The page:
By Fadi Farra, Adjunct lecturer in Public Policy at the Harvard Kennedy School of Government and Head of the Eurasia Competitiveness Programme at the Organisation for Economic Co-operation and Development (OECD)*

Labour Productivity Performance I am often asked why Central Asia is the ‘next economic Frontier’. The answer is both simple and complex: After two decades of economic reforms, the labour productivity growth of the region is constantly performing above world average but the labour productivity in absolute terms is still about… 80% below the average of the world. The same pattern applies to countries of Eastern Europe and the South Caucasus. The graph on the right highlights this labour productivity path from 1993 to 2008.

So what should countries of the region do to bridge this competitiveness gap? Of course reform priorities differ by country but all have a similar imperative: Enhancing human capital policies, improving access to finance for entrepreneurs and implementing a second or third generation of investment policies to attract higher and better investments. Those are however known priorities. The question is how to make it happen.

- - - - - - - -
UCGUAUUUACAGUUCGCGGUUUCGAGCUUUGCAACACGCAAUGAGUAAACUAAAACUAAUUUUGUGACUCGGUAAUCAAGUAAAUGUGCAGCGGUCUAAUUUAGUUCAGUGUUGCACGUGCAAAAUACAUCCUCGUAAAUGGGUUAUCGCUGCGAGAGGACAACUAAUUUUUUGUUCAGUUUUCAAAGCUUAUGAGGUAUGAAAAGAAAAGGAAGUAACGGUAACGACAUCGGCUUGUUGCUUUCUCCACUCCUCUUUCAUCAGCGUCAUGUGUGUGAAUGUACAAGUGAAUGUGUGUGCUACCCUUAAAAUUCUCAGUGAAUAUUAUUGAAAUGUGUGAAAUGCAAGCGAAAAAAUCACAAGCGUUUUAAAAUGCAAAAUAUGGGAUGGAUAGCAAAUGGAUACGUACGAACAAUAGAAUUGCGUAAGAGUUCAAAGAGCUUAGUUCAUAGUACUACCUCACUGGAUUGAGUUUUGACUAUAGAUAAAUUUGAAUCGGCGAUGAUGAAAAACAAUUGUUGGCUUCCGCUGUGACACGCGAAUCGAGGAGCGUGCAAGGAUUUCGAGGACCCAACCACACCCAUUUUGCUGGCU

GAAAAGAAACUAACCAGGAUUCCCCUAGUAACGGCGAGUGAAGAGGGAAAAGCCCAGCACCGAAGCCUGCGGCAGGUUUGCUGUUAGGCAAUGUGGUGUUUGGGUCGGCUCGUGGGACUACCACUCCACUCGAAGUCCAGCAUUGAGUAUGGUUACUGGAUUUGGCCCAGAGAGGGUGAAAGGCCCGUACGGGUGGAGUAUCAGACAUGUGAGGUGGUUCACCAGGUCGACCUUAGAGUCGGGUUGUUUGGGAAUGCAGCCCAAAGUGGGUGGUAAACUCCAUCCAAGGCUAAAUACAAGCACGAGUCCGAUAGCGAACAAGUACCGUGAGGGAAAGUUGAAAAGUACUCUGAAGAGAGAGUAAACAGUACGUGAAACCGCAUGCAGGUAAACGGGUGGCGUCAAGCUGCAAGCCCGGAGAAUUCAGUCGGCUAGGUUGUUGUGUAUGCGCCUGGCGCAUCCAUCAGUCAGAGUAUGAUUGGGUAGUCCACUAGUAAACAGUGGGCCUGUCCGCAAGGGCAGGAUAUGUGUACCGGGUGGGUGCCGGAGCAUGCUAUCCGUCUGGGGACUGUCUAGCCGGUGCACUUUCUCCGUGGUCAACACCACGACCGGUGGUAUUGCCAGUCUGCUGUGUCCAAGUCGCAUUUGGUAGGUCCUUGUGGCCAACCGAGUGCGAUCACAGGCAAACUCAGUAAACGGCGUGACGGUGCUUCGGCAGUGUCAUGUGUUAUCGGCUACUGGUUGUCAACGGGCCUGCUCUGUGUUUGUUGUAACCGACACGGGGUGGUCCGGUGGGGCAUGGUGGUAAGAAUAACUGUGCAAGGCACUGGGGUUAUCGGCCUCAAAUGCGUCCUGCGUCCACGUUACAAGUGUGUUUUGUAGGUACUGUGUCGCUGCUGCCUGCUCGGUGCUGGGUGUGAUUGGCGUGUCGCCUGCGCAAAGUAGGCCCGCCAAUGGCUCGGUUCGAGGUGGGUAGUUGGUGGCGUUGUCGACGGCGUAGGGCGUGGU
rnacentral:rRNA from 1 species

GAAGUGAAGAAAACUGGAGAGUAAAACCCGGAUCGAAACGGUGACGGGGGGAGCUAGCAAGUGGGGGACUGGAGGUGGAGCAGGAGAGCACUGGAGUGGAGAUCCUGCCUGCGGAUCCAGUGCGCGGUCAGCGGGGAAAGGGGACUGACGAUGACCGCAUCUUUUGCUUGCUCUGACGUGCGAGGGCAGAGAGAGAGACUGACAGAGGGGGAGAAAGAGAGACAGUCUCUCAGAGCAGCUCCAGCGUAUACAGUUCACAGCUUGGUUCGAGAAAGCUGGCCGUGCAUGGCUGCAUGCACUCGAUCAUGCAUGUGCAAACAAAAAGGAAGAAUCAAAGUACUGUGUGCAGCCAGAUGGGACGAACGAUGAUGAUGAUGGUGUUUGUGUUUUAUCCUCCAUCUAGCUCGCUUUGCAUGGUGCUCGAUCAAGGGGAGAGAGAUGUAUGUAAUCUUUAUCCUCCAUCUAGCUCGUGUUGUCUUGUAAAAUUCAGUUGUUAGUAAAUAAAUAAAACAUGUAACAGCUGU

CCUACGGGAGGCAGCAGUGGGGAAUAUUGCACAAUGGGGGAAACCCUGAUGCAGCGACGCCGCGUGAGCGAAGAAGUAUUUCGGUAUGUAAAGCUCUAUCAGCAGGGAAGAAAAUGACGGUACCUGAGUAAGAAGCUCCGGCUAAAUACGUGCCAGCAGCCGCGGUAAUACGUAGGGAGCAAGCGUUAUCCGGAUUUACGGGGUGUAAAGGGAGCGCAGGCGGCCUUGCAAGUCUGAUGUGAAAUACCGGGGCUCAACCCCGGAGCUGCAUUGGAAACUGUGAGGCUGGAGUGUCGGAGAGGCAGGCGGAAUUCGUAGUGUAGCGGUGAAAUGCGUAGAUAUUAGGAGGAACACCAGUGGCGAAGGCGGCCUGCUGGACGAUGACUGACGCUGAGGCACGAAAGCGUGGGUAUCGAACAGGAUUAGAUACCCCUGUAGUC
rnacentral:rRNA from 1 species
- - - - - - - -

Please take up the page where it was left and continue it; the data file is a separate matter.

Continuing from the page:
Gap in perceived level of reform On one hand, policy priorities seem to differ whether you ask the private sector or public sector (see graph on the left). On the other hand, not enough linkage is made between Foreign Direct Investment and higher national labour productivity.

  • How to effectively engage the private sector?
  • How can Foreign Investors help enhance national competitiveness?
  • Which policy levers to pull first to enhance competitiveness in the longer term?
  • Where to start first: at the national, sectoral or sub-national level?

Those are all questions that I look forward to discussing with participants of the World Economic Forum on Europe and Central Asia in Vienna.

*Fadi Farra will attend the World Economic Forum on Europe and Central Asia in Vienna, Austria 8-9 June 2011 and is guest blogging for the Forum.